The CSR Newsletters are a freely-available resource generated as a dynamic complement to the textbook, Strategic Corporate Social Responsibility: Sustainable Value Creation.

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Tuesday, October 18, 2016

Strategic CSR - Patagonia

I had missed this, but Patagonia is now making and selling food. As the article in the url below reports, the independent company set-up by Patagonia for this is named Patagonia Provisions and draws on "regenerative agriculture" as its guiding philosophy:
 
"Conventional farming practices tend to entail reaping one annual crop, tilling the soil for next season's harvest, and making extensive use of inputs—fertilizer, herbicides, pesticides—to boost yield. Regenerative agriculture emphasizes a diverse variety of crops (throughout the farm, in rotation, or even in the same field), not tilling the soil, using fewer inputs, and adding perennials into the mix as buffers and cover crops. It's a lot harder than it sounds, but a growing body of soil science and on-farm research shows that these techniques—especially not tilling the soil—can generate competitive harvests while saving water and restoring topsoil. That restored soil is able to fix more nitrogen in place, so farmers can cut down on expensive nitrogen fertilizers and excess nitrogen doesn't run off into rivers and create dead zones in bays. This soil retains higher concentrations of carbon, too, so it doesn't rise in the atmosphere and trap heat there, frying the planet."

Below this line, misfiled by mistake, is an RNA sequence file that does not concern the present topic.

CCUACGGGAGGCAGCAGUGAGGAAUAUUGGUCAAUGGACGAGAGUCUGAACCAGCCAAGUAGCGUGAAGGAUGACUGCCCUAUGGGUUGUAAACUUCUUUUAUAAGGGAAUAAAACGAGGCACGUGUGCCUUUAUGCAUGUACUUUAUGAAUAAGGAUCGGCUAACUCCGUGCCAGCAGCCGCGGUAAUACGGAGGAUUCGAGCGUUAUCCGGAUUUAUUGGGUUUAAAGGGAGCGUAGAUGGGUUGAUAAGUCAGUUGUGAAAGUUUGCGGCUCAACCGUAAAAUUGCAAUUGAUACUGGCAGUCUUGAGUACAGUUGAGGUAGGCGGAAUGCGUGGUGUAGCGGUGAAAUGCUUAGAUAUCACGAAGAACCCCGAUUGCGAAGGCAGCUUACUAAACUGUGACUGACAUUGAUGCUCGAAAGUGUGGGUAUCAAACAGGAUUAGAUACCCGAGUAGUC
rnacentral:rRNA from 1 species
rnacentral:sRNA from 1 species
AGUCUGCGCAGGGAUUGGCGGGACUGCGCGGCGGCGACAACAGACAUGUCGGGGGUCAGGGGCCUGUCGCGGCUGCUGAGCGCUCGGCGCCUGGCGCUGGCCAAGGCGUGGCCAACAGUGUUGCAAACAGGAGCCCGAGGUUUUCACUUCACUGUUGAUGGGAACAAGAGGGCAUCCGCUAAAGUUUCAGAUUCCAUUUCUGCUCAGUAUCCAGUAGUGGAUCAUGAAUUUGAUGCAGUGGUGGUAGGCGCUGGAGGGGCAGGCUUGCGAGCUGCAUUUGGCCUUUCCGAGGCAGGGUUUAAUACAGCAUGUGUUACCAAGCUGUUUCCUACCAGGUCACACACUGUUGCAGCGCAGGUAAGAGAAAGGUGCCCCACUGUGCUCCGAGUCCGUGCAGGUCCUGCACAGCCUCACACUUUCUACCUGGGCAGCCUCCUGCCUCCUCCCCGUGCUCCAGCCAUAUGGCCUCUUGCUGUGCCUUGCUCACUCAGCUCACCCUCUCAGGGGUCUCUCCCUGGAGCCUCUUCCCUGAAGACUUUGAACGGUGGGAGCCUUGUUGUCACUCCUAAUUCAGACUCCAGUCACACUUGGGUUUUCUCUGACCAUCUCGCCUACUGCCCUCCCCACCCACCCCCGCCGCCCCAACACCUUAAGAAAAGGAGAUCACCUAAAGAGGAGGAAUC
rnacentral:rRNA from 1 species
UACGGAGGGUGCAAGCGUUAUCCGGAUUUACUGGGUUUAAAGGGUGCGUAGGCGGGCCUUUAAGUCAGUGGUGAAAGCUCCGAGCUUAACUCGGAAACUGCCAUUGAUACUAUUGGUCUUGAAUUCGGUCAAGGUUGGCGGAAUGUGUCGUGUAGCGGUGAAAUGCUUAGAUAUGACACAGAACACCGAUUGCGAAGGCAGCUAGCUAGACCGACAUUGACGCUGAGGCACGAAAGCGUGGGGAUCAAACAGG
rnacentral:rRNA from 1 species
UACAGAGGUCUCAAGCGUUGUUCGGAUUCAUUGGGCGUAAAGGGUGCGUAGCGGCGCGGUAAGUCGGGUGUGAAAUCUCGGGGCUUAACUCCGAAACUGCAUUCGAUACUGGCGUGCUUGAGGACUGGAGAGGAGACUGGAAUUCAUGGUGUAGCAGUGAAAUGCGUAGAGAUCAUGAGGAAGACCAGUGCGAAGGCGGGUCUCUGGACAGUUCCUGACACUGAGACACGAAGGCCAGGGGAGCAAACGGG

The article is long and detailed for all those wanting to find out more about this new venture. I was drawn to a couple of quotes by Yvon Chouinard towards the end of the article that illustrate this revolutionary founder's exasperation at the snail's pace of progress on what has become his life's work:
 
"For a while, [Chouinard] was proud of the work his sustainability teams did with companies like Walmart. But, he says, 'they took the low-hanging fruit, recycling plastic, converting their fleet over to natural gas. Things like that. They did everything that ends up making 'em more money. But when it comes down to doing the hard things, anything with a long-term payoff, they backed out.' He stresses that it's not just Walmart. 'All of these companies, whether it's Dannon or Unilever, they're all ­greenwashing. They start out making a big deal out of something and they back down. It's like Nike started out doing a little bit of organic cotton, like 1 percent. Now I don't know if they do any at all. The fashion industry, same thing.'"
 
Take care
David
 
 
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Solving Climate Change with Beer From Patagonia's Food Startup
By Bradford Wieners
October 10-16, 2016
Bloomberg Businessweek
Late Edition – Final
54-59